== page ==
An offence under section 17 is treated as a grave matter. The current penalties in the Act are a $5,000 fine or two years imprisonment where the offence proceeds on indictment. In the case of summary proceedings, the penalty is $1,000 or imprisonment for six months. The Bill would permit both a fine and a period of imprisonment to be imposed. This reflects the seriousness with which such breaches of personal privacy are regarded by this Government. Penalties are to be increased for other offences under the Act. For failure to comply with the requirements to report circumstances or events which affect entitlement to a social security payment, the penalty will be increased from a $500 fine to a $1,000 fine or six months imprisonment, or both, and a $5,000 fine in the case of corporations. For failure to comply with a requirement to provide information about entitlement, the fine will be increased from $1,000 and six months imprisonment to $2,000 or 12 months imprisonment, or both, and $10,000 in the case of corporations. Where financial institutions do not comply with a requirement under the direct deposit provisions, the fine has been increased from $1,000 to $10,000. Serious breaches of these offences may now be dealt with by suitable sanctions.

Miscellaneous Amendments

Finally, the Bill contains amendments to remove anomalies, close gaps, correct minor drafting errors and bring the legislation into line with sound administrative practice. For example, the definition of a `decision' under the Act which is significant from an administrative law point of view as the basis for review or appeal will be amended to confer the same meaning as in the Administrative Appeals Tribunal Act 1975. It is good administrative practice that decisions of officers affecting entitlement be in writing. This Bill makes it a uniform requirement that all such decisions be in writing. The Department of Social Security is moving to on-line benefits processing-using the latest computer technology to record information and make decisions. This will substantially improve delivery of benefits to those needing assistance. To keep pace with these changes, decisions of officers which are required to be in writing will be deemed to be in writing if originally entered into a computer or recorded with the use of a computer. This processing also enables a printed copy of the decision to be made available to applicants.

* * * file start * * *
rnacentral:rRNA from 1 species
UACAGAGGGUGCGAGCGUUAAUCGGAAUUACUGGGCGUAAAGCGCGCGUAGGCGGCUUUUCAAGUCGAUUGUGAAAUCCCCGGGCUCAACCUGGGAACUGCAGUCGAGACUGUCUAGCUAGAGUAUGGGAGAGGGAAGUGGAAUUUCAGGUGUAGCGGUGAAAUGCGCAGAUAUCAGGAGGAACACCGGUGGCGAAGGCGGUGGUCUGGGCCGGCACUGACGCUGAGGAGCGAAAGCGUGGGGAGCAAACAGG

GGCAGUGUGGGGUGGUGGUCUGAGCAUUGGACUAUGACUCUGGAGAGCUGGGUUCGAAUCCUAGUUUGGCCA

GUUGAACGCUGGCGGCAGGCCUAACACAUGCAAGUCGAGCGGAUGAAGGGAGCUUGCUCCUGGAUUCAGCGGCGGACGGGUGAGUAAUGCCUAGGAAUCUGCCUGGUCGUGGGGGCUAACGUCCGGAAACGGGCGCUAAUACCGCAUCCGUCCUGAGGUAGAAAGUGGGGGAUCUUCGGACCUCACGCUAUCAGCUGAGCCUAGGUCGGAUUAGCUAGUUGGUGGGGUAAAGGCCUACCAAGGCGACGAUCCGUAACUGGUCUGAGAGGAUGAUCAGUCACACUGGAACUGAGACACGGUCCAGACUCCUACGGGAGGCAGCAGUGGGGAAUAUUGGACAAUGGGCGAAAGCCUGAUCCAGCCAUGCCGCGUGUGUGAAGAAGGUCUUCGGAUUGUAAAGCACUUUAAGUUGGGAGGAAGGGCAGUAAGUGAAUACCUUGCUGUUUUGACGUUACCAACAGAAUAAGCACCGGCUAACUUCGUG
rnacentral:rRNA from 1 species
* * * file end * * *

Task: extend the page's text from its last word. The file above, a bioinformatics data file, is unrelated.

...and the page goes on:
By means of these measures which rationalise and simplify the principal Act this Bill also prepares the ground for substantive reforms to the system of income security when the Government takes decisions on the social security system following the Social Security Review. I commend the Bill to the House. I present the explanatory memorandum to this Bill.

Debate (on motion by Mr Blunt) adjourned.